They left the tavern and hired a ride on a cart going up Fleet Street. The day was cold but the thoroughfare was packed with carts fighting to get in or out of the city. Pedlars with packhorses and sumpter ponies and wandering priests and scholars thronged around them. Crippled beggars, clutching makeshift wheel barrows, hurried into the city to take up their usual positions for the day. At Fleet prison, just past the stinking city ditch, the execution cart was being prepared to take convicted felons up past Farringdon into West Smithfield. The prisoners were bound hand and foot and some – a woman sentenced to be boiled for poisoning her husband with burnt spiders, a footpad guilty of stealing a silver crucifix from a church in Clerkenwell, a river pirate and two counterfeiters – had placards slung around their necks advertising their crimes. The red-masked executioner tried to drive off the bystanders and onlookers with his whip, helped by the sheriff’s men with their tipped staves. A drunken bagpipe player had to be helped to his feet so that he could give the death cart a musical accompaniment to the execution ground … …

Better than any film.

AN ANCIENT EVIL by Paul Doherty (Review)

This is the first in a series of novels based on Chaucer’s Canterbury Tales by my favourite author of medieval mysteries, Paul Doherty, author of – among many other great tales – the immensely successful series known as The Sorrowful Mysteries of Brother Athelstan. But this series is different in that it doesn’t have a single protagonist, a medieval sleuth like Brother Athelstan, going from book to book, but a whole group of characters who take it in turn to tell the tales that make up the series. As in the original Canterbury Tales, where Chaucer’s pilgrims are on their way from the Tabard Inn, Southwark (on the Thames, opposite the walled City of London) to the shrine of St Thomas à Becket in Canterbury, and to while away the time, each tells a tale, sometimes edifying, often amusing.

In the Prologue to the present book, the landlord of the Tabard, who is to accompany them on the pilgrimage, suggests that each evening the pilgrims should take turns to tell another tale: “‘So when we move out tomorrow to St Thomas’s watering hole, let us tell a merry tale to instruct or amuse. But, at night,’ his voice fell, ‘let it be different.’ He stared round the now quiet company. ‘Let us tell a tale of mystery that will chill the blood, halt the heart and curl the locks upon our heads.’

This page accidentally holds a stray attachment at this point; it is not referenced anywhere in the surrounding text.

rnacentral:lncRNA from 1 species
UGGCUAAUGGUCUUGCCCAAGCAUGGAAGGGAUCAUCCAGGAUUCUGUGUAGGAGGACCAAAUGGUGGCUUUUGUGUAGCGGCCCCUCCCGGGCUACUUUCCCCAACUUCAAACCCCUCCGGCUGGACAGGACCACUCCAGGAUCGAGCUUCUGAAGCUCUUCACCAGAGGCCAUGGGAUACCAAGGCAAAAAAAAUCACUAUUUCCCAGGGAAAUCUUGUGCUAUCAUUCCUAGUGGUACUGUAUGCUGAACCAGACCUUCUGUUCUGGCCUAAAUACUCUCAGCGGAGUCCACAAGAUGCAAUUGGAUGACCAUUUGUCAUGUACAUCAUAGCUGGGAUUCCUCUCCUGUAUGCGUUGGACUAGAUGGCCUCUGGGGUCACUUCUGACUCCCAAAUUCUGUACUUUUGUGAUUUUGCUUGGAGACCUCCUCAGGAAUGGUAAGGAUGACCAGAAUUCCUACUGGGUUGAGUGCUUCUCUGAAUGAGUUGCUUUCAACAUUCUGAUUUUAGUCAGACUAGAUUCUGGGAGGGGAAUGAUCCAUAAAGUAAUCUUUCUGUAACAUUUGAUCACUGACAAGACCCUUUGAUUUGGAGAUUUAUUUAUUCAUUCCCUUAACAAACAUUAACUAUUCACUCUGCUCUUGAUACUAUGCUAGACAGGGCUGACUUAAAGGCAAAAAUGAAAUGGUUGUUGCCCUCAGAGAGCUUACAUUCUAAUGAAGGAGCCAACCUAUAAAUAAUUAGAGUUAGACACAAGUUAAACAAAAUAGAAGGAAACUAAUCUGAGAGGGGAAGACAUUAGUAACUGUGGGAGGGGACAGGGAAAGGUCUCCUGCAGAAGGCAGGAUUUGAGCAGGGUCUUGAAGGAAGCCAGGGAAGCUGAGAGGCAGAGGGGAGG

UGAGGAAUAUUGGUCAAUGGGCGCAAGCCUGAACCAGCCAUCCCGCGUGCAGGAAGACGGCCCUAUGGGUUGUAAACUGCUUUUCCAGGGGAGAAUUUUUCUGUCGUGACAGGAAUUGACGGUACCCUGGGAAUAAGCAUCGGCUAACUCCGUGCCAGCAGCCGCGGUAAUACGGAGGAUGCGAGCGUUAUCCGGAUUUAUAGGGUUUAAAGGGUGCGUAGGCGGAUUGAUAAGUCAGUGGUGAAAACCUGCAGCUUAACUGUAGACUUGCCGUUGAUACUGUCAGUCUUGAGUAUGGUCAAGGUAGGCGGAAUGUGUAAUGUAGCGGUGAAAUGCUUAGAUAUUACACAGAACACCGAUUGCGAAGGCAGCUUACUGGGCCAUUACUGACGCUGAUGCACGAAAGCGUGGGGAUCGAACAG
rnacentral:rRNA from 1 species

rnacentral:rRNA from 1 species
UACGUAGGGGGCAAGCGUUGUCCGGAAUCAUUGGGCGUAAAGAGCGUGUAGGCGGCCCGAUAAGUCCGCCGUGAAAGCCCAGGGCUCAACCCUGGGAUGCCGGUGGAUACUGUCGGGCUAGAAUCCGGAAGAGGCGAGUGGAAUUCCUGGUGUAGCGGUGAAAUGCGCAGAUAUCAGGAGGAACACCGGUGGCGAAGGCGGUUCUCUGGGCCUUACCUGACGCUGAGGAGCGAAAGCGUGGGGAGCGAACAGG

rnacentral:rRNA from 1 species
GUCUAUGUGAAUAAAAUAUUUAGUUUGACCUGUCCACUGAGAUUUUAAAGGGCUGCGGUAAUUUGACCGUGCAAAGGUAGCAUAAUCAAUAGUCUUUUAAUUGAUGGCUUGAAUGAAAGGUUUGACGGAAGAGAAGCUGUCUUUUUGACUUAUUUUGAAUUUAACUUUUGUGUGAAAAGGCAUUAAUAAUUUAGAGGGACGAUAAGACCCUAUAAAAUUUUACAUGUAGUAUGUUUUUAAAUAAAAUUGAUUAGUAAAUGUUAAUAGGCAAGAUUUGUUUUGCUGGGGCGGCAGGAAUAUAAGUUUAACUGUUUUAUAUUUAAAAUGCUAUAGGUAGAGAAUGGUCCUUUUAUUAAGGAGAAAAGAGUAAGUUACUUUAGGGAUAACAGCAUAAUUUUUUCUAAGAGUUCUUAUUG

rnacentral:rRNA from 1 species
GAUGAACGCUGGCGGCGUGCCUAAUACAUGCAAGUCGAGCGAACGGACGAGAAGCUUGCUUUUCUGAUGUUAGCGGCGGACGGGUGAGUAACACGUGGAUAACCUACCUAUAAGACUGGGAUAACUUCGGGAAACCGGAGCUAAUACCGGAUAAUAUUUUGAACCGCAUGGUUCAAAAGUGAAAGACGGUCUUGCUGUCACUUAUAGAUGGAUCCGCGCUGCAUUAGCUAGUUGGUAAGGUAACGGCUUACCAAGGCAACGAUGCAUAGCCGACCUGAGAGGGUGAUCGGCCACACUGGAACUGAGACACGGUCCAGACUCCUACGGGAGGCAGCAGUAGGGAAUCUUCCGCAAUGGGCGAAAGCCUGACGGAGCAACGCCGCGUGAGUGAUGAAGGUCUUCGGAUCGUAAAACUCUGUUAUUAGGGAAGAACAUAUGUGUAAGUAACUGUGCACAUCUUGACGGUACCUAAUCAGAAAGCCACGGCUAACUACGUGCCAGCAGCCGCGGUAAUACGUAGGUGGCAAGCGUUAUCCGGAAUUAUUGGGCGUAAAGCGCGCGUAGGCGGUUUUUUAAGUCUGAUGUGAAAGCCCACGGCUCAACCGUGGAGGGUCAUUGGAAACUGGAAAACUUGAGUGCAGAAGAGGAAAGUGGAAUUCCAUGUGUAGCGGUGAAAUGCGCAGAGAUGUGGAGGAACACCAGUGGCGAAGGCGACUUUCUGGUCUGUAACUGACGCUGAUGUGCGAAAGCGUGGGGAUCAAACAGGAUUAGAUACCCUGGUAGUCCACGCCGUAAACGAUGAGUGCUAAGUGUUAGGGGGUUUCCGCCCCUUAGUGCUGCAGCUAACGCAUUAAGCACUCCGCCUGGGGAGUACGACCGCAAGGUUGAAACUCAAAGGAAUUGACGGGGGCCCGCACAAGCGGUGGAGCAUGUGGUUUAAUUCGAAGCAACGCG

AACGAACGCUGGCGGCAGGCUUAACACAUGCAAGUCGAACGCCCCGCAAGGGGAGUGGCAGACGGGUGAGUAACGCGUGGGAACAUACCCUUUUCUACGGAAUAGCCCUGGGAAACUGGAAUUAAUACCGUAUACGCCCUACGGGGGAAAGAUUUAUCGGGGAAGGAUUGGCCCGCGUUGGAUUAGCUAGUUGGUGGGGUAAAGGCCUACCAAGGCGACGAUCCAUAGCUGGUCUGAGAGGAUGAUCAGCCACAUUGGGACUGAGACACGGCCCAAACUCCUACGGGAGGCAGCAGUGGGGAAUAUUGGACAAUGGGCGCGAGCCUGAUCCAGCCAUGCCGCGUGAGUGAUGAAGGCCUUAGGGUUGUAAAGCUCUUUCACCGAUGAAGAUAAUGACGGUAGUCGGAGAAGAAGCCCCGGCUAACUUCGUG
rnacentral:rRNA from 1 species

An Ancient Evil, the Knight’s Tale (he is first in the Chaucer original, and first here) is a tale of strigoi.

Strigoi are the evil dead arising from their tombs at night. It is a Romanian word which also exists in the form striga, witch, and seems originally to have meant an evil witch with vampiric tendencies (like a lamia?). In Italian, strega, streghe, means witch. The Romanian and Italian words both derive from the Latin strix, striga, screech-owl. Which brings us to metamorphosis – shape-shifting – and the question: Is the striga (the witch/vampire) primarily a nocturnal bird, or is she basically human?

In An Ancient Evil, the strigoi are the undead, vampires whose origin seems to be Moldavia, the Transylvanian Alps and the ancient Romanian principality of Wallachia. Indeed, they are the “ancient evil”, for the tale begins 250 years earlier when, in the outskirts of Oxford, a strigoi, a “devil incarnate” which”had travelled from Wallachia in the Balkans pretending to be a man dedicated to the service of God“, was buried alive rather than burnt, and a monastery built over him. Now, 250 years later, a spate of horrible murders (whole families with their throats cut and bodies drained of blood) brings Sir Godfrey Evesdon to Oxford as the King’s Commissioner, to investigate and carry out judgement. He is accompanied by a Scottish clerk named Alexander McBain and a blind exorcist, Dame Edith Mohun, herself a survivor of “the dark forests and lonely, haunted valleys of Wallachia and Moldavia”, where she had been a captive, and had been blinded when she tried to protect herself. The two men cannot believe that the strigoi has survived in his coffin all these years. “Have you not listened?” she snaps. ‘The Strigoi never die. If their corpses survive, they merely sleep!’

Interestingly, the Romanies we meet in the book travelling around Britain will not go near Oxford or the Thames Valley.

As the tale unfolds, there are interludes in which the story is discussed by the shocked pilgrims. Is it true, they want to know, or is it simply a tale to frighten children? Is the middle-aged knight telling the tale, whom they know simply as “Sir Knight”, himself the hero, Sir Godfrey, when he was a young man? And is the strigoi who survived still hunting him, intent on revenge, following him – following them – along the road? Perhaps even one of them?